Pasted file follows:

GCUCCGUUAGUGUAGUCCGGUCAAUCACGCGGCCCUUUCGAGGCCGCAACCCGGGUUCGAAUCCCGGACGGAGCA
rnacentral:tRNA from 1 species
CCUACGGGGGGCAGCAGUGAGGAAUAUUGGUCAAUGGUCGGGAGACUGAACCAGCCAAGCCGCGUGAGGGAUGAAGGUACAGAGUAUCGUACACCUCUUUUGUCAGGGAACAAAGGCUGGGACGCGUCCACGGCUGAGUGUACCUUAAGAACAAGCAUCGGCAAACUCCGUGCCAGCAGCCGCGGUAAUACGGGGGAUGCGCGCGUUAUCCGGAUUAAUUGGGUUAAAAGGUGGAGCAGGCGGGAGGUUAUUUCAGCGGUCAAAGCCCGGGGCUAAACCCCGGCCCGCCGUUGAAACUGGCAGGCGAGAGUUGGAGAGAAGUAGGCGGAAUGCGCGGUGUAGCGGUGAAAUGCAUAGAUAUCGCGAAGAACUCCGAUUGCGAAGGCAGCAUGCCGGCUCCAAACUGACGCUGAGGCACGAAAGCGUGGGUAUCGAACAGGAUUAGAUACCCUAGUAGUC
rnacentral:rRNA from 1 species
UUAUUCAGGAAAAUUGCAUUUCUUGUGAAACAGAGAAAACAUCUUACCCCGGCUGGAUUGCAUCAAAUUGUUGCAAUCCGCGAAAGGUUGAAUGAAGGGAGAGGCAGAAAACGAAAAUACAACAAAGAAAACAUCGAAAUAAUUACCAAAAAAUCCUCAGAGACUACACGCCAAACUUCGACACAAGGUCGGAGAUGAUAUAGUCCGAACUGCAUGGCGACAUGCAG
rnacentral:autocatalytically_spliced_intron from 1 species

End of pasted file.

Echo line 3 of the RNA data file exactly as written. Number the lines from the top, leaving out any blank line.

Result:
CCUACGGGGGGCAGCAGUGAGGAAUAUUGGUCAAUGGUCGGGAGACUGAACCAGCCAAGCCGCGUGAGGGAUGAAGGUACAGAGUAUCGUACACCUCUUUUGUCAGGGAACAAAGGCUGGGACGCGUCCACGGCUGAGUGUACCUUAAGAACAAGCAUCGGCAAACUCCGUGCCAGCAGCCGCGGUAAUACGGGGGAUGCGCGCGUUAUCCGGAUUAAUUGGGUUAAAAGGUGGAGCAGGCGGGAGGUUAUUUCAGCGGUCAAAGCCCGGGGCUAAACCCCGGCCCGCCGUUGAAACUGGCAGGCGAGAGUUGGAGAGAAGUAGGCGGAAUGCGCGGUGUAGCGGUGAAAUGCAUAGAUAUCGCGAAGAACUCCGAUUGCGAAGGCAGCAUGCCGGCUCCAAACUGACGCUGAGGCACGAAAGCGUGGGUAUCGAACAGGAUUAGAUACCCUAGUAGUC